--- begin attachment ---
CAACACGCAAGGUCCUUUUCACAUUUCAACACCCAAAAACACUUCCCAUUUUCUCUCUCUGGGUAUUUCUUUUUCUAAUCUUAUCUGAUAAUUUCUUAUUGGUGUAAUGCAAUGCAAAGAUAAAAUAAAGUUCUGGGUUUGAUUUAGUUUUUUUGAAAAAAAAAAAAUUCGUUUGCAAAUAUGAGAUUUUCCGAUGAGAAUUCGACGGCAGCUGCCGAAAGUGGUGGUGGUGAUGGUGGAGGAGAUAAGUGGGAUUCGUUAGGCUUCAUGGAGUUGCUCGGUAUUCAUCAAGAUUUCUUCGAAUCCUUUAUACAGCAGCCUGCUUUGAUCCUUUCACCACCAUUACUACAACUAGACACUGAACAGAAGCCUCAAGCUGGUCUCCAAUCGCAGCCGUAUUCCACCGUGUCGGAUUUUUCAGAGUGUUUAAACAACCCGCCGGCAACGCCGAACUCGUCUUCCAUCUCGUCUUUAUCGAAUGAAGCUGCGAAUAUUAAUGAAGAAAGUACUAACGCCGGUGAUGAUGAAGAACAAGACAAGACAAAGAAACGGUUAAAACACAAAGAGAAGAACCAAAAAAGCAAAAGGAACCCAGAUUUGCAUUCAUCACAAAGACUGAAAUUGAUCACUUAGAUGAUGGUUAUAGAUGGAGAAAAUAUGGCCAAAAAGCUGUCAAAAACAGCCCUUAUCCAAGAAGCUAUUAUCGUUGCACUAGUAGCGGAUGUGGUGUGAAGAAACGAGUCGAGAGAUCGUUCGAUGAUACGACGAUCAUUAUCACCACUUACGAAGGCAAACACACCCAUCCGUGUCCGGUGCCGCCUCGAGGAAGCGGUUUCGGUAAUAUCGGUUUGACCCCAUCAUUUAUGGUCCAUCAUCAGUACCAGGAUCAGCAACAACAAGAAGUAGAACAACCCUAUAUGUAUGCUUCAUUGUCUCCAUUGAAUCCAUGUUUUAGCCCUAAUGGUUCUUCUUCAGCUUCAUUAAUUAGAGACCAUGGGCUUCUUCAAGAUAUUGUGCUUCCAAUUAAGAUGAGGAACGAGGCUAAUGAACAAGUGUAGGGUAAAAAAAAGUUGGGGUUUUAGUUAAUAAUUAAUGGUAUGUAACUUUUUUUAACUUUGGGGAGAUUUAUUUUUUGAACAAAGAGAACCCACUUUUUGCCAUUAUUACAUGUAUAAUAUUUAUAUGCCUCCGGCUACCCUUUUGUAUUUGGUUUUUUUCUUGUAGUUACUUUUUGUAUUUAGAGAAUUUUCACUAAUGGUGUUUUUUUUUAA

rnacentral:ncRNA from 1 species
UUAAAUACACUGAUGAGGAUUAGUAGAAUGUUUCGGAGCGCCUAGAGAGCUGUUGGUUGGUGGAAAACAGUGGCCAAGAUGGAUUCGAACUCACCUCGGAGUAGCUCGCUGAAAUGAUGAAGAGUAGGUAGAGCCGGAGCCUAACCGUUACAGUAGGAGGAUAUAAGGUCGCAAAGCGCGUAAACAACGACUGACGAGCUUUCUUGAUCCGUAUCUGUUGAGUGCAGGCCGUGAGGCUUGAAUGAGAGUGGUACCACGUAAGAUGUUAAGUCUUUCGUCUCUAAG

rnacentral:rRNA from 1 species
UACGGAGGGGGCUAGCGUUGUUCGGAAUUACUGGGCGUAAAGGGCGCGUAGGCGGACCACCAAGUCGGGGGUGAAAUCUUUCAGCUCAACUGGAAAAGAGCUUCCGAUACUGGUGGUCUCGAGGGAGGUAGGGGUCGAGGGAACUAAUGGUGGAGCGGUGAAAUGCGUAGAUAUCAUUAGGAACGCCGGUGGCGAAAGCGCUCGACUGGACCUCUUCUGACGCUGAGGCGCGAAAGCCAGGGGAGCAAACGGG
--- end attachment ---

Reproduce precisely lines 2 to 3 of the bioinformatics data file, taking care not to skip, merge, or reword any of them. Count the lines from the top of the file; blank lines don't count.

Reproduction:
rnacentral:ncRNA from 1 species
UUAAAUACACUGAUGAGGAUUAGUAGAAUGUUUCGGAGCGCCUAGAGAGCUGUUGGUUGGUGGAAAACAGUGGCCAAGAUGGAUUCGAACUCACCUCGGAGUAGCUCGCUGAAAUGAUGAAGAGUAGGUAGAGCCGGAGCCUAACCGUUACAGUAGGAGGAUAUAAGGUCGCAAAGCGCGUAAACAACGACUGACGAGCUUUCUUGAUCCGUAUCUGUUGAGUGCAGGCCGUGAGGCUUGAAUGAGAGUGGUACCACGUAAGAUGUUAAGUCUUUCGUCUCUAAG